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30 September 2020updated 09 Sep 2021 1:32pm

From the NS archive: About motoring

15 October 1932: A percentage of the purchasers of these cars will be self-indulgent, and enjoy sheer speed.

By R E Davies

In 1932 the motor-car was approaching its 50th birthday. Cars were in widespread circulation in Britain and were developing rapidly. Here, at the Olympia Motor Show in October 1932, RE Davies notices the emerging trends in British vehicles: a desire for small, inexpensive cars; the advancement of gear boxes; the automation of which was already being tested in the US; and an increase in speed. Many cars were now able to travel up to 80 or 90 miles per hour; most up to 60 or 70. This, Davidson wrote, meant a necessary review of speed limits and road etiquette to avoid “two batches of vehicles spending their road life in perpetual overtaking”. Overall, the Show was at the time a proud display of British mechanical prowess and human achievement.

***

This year’s Show reveals three very interesting tendencies. The first is forced upon the industry by sheer pressure of circumstances, and would never have been adopted voluntarily. It consists of concentrating the principal attention upon the small and inexpensive cars. Large and costly cars are still being designed, built and sold – Olympia actually stages in the shape of the Golden Bugatti, the largest and costliest car ever produced. But the sales of low-priced, medium-sized family cars are shrinking. Dealer after dealer will tell you that the bulk of his inquiries are for cars of the baby type. The second tendency is the sudden boom in foolproof transmissions, a boom which is extending with every week that passes.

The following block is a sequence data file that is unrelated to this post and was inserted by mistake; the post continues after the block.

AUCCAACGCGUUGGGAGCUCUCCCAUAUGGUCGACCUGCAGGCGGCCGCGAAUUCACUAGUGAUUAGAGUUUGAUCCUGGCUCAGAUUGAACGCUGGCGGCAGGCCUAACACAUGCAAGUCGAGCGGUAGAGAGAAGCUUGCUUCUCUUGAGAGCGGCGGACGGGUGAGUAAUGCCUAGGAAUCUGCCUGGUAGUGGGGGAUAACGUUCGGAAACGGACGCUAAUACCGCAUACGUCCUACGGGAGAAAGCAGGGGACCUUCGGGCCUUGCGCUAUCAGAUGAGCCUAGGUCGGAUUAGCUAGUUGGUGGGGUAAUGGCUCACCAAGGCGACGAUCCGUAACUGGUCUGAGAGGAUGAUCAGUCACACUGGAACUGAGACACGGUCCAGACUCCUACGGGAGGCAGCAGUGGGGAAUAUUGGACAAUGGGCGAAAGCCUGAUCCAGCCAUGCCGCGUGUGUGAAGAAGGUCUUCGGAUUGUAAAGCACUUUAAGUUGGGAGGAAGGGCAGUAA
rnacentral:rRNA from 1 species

It is pleasant to observe that the British industry triumphs in this sphere. The US has produced the synchro-mesh gear, the free-wheel and the automatic clutch; this latter device is still unfamiliar to most drivers, but is really quite simple, for a suction device automatically withdraws the clutch whenever the throttle is closed. None of these gadgets, either singly or in combination with another, furnishes quite so logical and convenient a transmission as the Wilson pre-selector gear flanked by the Daimler fluid flywheel. The E.N.V. Engineering Company at Willesden possesses works of the highest class in the gear-cutting trade, and for years past has provided component axles and gear boxes to many factories which never acknowledged their indebtedness. It has now laid down plans to produce the Wilson gear box in various sizes and in unlimited quantities. An immediate consequence is the publication of many eleventh-hour announcements that this gear box may be specified as an option on various well-known makes of car previously equipped with the conventional pattern of drive, or at best with a “silent third” type of box. It is possible that the Wilson box may become almost universal on British cars exceeding the minimum price limit. There is no real need for a fluid flywheel, automatic clutch, or free-wheel to be installed in front of such gear boxes; a driver must be a fool indeed if he cannot drive prettily with a standard clutch and this gear box. Time must elapse before the average motorist can decide whether he warmly approves of the modern clutch systems or not. But there is no possible vestige of doubt that the average motorist wants a simplified gear-change, and the old Gera boxes are without exception moribund.